Repulse of General Lee and Affairs of Cheat Mountain and in Tygart's
Valley (September, 1861) - Killing of John A. Washington, and
Incidents - and Formation of State of West Virginia

Union Occupancy of Kentucky - Affair at Green River - Defeat of
Humphrey Marshall - Battles of Mill Springs, Forts Henry and Donelson
- Capture of Bowling Green and Nashville, and Other Matters

Battle of Shiloh - Capture of Island No. 10 - Halleck's Advance on
Corinth, and Other Events

Mitchel's Campaign to Northern Alabama - Andrews' Raid into Georgia,
and Capture of a Locomotive - Affair at Bridgeport - Sacking of
Athens, Alabama, and Court-Martial of Colonel Turchin - Burning of
Paint Rock by Colonel Beatty - Other Incidents and Personal Mention
- Mitchel Relieved

Confederate Invasion of Kentucky (1862) - Cincinnati Threatened,
and "Squirrel Hunters" Called Out - Battles of Iuka, Corinth, and
Hatchie Bridge - Movements of Confederate Armies of Bragg and Kirby
Smith - Retirement of Buell's Army to Louisville - Battle of Perryville,
with Personal and Other Incidents

Commissioned Colonel of 110th Ohio Volunteers - Campaigns in West
Virginia under General Milroy, 1862-1863 - Emancipation of Slaves
in the Shenandoah Valley, and Incidents


J. Warren Keifer

Andrew H. Reeder, first governor of Kansas Territory, Flight in
Disguise, 1855 [From a painting in Coates' House, Kansas City,

Abraham Lincoln

Map of the United States, 1860 [Showing free and slave States and

General Ulysses S. Grant, U.S.A. [From a photograph taken 1865.]

Confederate Silver Half-Dollar

John Beatty, Brigadier-General of Volunteers [From a photograph
taken 1863.]

Rich Mountain and Cheat Mountain Country, W. Va.

General William T. Sherman, U.S.A. [From a photograph taken 1881.]

Major-General O. M. Mitchel [From a photograph taken 1862.]

Brevet Brigadier-General Wm. H. Ball [From a photograph taken 1864.]

Rev. William T. Meloy, D. D., Lieutenant 122d Ohio Volunteers [From
a photograph taken 1896.]

Major-General Robert H. Milroy [From a photograph taken 1863.]

Lieutenant James A. Fox, 110th Ohio Volunteers [From a photograph
taken 1863.]

Map of Shenandoah valley [From Major W. F. Tiemann's _History of
the 159th New York_.]

Rev. Milton J. Miller, Chaplain 110th Ohio Volunteers [From a
photograph taken 1865.]

Rev. Charles C. McCabe, D. D., Bishop M. E. Church, Chaplain 122d
Ohio Volunteers [From a photograph taken 1868.]



(I.) Introductory - (II.) Introduction of Slavery into the Colonies
- (III.) Declaration of Independence - (IV.) Continental Congress:
Articles of Confederation - (V.) Ordinance of 1787 - (VI.) Constitution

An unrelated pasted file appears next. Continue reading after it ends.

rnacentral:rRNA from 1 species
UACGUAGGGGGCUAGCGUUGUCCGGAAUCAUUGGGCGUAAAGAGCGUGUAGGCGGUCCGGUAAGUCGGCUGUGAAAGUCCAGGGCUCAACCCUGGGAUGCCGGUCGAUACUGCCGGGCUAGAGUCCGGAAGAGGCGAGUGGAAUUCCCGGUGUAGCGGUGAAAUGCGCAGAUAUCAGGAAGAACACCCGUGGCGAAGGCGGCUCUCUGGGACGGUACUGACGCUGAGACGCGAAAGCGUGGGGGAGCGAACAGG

of the United States - (VII.) Causes of Growth of Slavery - (VIII.)
Fugitive-Slave Law, 1793 - (IX.) Slave Trade Abolished - (X.) Louisiana
Purchase - (XI.) Florida - (XII.) Missouri Compromise - (XIII.)
Nullification - (XIV.) Texas - (XV.) Mexican War, Acquisition of
California and New Mexico - (XVI.) Compromise Measures, 1850 - (XVII.)
Nebraska Act - (XVIII.) Kansas Struggle for Freedom - (XIX.) Dred
Scott Case - (XX.) John Brown Raid - (XXI.) Presidential Elections,
1856-1860 - (XXII.) Dissolution of the Union - (XXIII.) Secession of
States - (XXIV.) Action of Religious Denominations - (XXV.) Proposed
Concessions to Slavery - (XXVI.) Peace Conference - (XXVII.) District
of Columbia - (XXVIII.) Slavery Prohibited in Territories - (XXIX.)
Benton's Summary - (XXX.) Prophecy as to Slavery and Disunion.


Slavery is older than tradition - older than authentic history, and
doubtless antedates any organized form of human government. It
had its origin in barbaric times. Uncivilized man never voluntarily
performed labor even for his own comfort; he only struggled to gain
a bare subsistence. He did not till the soil, but killed wild
animals for food and to secure a scant covering for his body; and
cannibalism was common. Tribes were formed for defence, and thus
wars came, all, however, to maintain mere savage existence. Through
primitive wars captives were taken, and such as were not slain were
compelled to labor for their captors. In time these slaves were
used to domesticate useful animals and, later, were forced to
cultivate the soil and build rude structures for the comfort and
protection of their masters. Thus it was that mankind was first
forced to toil and ultimately came to enjoy labor and its incident
fruits, and thus human slavery became a first step from barbarism
towards the ultimate civilization of mankind.

White slavery existed in the English-American colonies antecedent
to black or African slavery, though at first only intended to be
conditional and not to extend to offspring. English, Scotch, and
Irish alike, regardless of ancestry or religious faith, were, for
political offenses, sold and transported to the dependent American
colonies. They were such persons as had participated in insurrections
against the Crown; many of them being prisoners taken on the battle-
field, as were the Scots taken on the field of Dunbar, the royalist
prisoners from the field of Worcester; likewise the great leaders
of the Penruddoc rebellion, and many who were taken in the insurrection
of Monmouth.

Of these, many were first sold in England to be afterwards re-sold
on shipboard to the colonies, as men sell horses, to the highest

There was also, in some of the colonies, a conditional servitude,
under indentures, for servants, debtors, convicts, and perhaps
others. These forms of slavery made the introduction of negro and
perpetual slavery easy.

Australasia alone, of all inhabited parts of the globe, has the
honor, so far as history records, of never having a slave

Egyptian history tells us of human bondage; the patriarch Abraham,
the founder of the Hebrew nation, owned and dealt in slaves. That
the law delivered to Moses from Mt. Sinai justified and tolerated
human slavery was the boast of modern slaveholders.

Moses, from "Nebo's heights," saw the "land of promise," where